Sunday, June 30, 2019

“look behind the eyes
i said and i say
 worry about the plumbing later”

—dick higgins 

(don't know what poem of dick's this is from but it's been bringing me comfort since I first read it and wrote it down almost fifty years ago)

Saturday, June 29, 2019


I don't watch men's soccer on TV because it has rarely engaged my interest for long: too little scoring and too much histrionics (the phony injury act). But watching the USA women's team play France today (well, technically yesterday) was one of the most delightful TV sports experiences of the last few decades. The woman of both teams were so athletically tough and talented it was pure pleasure to watch them compete. And Megan Rapinoe, who scored the US team's two goals, is such a charismatic star, I not only have a hero crush on her, if I had room on my walls I'd put a poster of her up on one.

Friday, June 28, 2019


The top photo is the late DC poet Ed Cox and me around the time we did a poetry reading at Catholic U. in DC in Spring of 1972. Ed had just come out a few weeks before me. We both read poems about love and relationships between men, mine more sexually graphic, for what we were told was the first time at that institution and maybe in DC. The young poet Tim Dlugos afterward introduced himself and said we were his heroes. For a while Ed stayed at the commune I lived in with my first wife and our kids and where I would challenge him and myself to try poses neither of us ever had, like letting a wrist go limp (a la the second photo).  I went on to wear ribbons in my hair and mismatched clip-on earrings and sometimes dresses, but unfortunately have no photos of that.

Wednesday, June 26, 2019


I took part in the first Gay Pride celebration in Washington DC in early May of 1972, and marched with the Gay and Lesbian contingent in anti-war marches in 1972 and '73. I remember being in a photo on the front page of The Washington Post for one of those events which garnered lots of attention at the Catholic women's college I was teaching at then. Eventually leading to my being fired, partly as a result of my being openly "gay"—though I was what others called "bi-sexual" but I always dismissed as implying there are two kinds of sexuality when my experience was there are as many kinds as there are humans.

Initially coming out as a gay man in my 29th year was a political act, to show solidarity with my gay cohorts who were at that time maligned and oppressed and jailed and called mentally ill for preferring  same gender partners. But in recent years I've been identifying more with the "bi-sexual" label, because as was true back then and unfortunately still is, people on both ends of the spectrum of sexual choice and identity are still too often at best suspicious of the possibility of anyone being truly attracted to both of the traditional dominant genders and at worst see "bi" as a cop out (as I was told in 1972 by a leading activist, it allows for the pleasure of same gender sex with the privilege of not being seen as strictly gay and therefore suffering the prejudice etc.).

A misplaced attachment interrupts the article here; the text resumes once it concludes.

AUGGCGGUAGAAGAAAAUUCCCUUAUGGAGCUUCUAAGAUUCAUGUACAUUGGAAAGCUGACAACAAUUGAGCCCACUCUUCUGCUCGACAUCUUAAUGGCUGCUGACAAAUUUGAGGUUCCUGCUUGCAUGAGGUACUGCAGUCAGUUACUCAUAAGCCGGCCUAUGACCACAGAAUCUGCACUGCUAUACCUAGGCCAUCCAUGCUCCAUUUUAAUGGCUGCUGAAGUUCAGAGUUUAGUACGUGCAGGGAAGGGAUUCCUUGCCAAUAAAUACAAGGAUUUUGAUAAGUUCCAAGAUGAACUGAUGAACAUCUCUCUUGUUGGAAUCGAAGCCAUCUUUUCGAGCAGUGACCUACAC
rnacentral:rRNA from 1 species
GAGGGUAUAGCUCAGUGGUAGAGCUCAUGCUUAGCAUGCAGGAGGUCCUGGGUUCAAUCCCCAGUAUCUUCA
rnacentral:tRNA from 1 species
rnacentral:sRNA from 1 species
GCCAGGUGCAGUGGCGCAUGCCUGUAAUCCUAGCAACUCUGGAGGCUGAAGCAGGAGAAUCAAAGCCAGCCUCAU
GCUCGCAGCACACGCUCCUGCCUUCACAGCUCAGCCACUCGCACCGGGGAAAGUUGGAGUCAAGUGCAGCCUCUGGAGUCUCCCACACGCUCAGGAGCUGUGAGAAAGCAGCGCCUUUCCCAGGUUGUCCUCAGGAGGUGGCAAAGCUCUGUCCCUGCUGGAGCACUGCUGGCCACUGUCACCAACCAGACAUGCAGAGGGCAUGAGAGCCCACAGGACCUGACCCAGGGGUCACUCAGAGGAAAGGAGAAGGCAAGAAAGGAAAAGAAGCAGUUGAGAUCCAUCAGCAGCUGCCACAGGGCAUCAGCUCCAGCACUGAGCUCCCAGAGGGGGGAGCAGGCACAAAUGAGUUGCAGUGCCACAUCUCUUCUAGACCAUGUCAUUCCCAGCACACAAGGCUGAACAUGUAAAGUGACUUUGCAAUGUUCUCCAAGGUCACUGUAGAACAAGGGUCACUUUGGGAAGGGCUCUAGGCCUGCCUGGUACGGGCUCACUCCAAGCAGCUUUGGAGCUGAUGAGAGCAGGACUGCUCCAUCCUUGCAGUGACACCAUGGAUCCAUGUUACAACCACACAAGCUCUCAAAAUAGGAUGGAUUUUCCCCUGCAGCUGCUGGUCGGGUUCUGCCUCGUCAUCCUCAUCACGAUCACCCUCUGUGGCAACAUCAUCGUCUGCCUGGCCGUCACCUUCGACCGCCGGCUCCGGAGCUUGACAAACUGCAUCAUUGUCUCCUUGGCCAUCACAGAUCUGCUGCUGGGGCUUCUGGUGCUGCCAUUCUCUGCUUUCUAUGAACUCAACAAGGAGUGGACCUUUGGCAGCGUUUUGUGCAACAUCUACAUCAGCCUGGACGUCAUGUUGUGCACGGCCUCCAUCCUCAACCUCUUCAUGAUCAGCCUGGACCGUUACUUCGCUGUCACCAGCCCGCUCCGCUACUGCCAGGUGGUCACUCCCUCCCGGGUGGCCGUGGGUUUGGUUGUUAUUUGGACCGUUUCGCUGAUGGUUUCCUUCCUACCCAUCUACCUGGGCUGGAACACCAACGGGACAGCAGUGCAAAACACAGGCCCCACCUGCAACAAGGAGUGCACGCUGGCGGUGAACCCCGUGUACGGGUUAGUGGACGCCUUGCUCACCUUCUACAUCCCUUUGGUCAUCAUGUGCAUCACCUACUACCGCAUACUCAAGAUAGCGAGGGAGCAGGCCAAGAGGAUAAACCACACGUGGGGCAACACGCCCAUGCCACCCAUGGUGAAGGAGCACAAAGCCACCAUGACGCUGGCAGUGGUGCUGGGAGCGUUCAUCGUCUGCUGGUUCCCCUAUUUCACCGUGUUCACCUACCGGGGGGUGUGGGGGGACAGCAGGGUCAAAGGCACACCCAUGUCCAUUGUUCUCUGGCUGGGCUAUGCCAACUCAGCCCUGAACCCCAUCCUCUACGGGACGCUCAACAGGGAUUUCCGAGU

When I arrived in L.A. in 1982 at forty, looking for an acting career in films and TV to support my life as a poet, my poetry collections Hollywood Magic and Attitude had just come out and contained many poems about my fluid sexuality and identity which I was told by some meant death to the predictions I was the next (fill in the blank for bad boy actor). Most of the gay and lesbian actors I met were in the closet and stayed there. I looked forward to being interviewed on The Tonight show and flaunting my varied sexual past. But those who had warned me to bury that past may have been right as the expectations of agents and managers et. al. were dashed, as they used to say.

But I have no regrets and am still here and still proud of my past and of the young people who are more accepting of all the possibilities.

Thursday, June 20, 2019


As my friends know, I was a compulsive (like OCD compulsive) list maker all my life, constantly making lists in my head or conversations or writing, until my brain operation almost a decade ago after which I woke up with not only no compulsion to makes lists but no desire to and no capacity for it. Best I could do would be two or three items and then I'd lose any and all interest and go elsewhere with my thoughts or words.

But, in the past year or so I've now and then felt compelled to make a list in my head, rarely but still it's happened. The latest was falling asleep a few nights ago when I found myself listing the names of movies I liked that begin with a hard "c" starting with five, and then the next day thinking of more, and then today writing them down and looking up some dates so I could affirm them because I listed them in what I believed was chronological order and on researching the dates I saw a few more to add until here I am with this list:

CABIN IN THE SKY (has problems but worth it for Ethel Waters and others great performers)
CLEO FROM 5 TO 7 (saw it for the first time a few days ago which prompted this list, my new favorite film, and made by Agnes Varda when she was 25 with no film education or experience!)
THE COOL WORLD (Shirley Clarke's masterpiece)
COOL WORLD (Ralph Bakshi's uneven mix of animated and real actors and action, in which I did the voice for the cartoon character "Sparks")

Monday, June 17, 2019


I got this photo off the Internet and am sorry I don't know who took it. I was looking for an image of Kevin from around the time we met and couldn't find one; this was the youngest version of him I could find (at least on Google). We knew each other in the 1970s through the mail and mutual friends, especially the late poet Tim Dlugos who was one of my closest friends from the day we met until the day he died from the AIDs plague.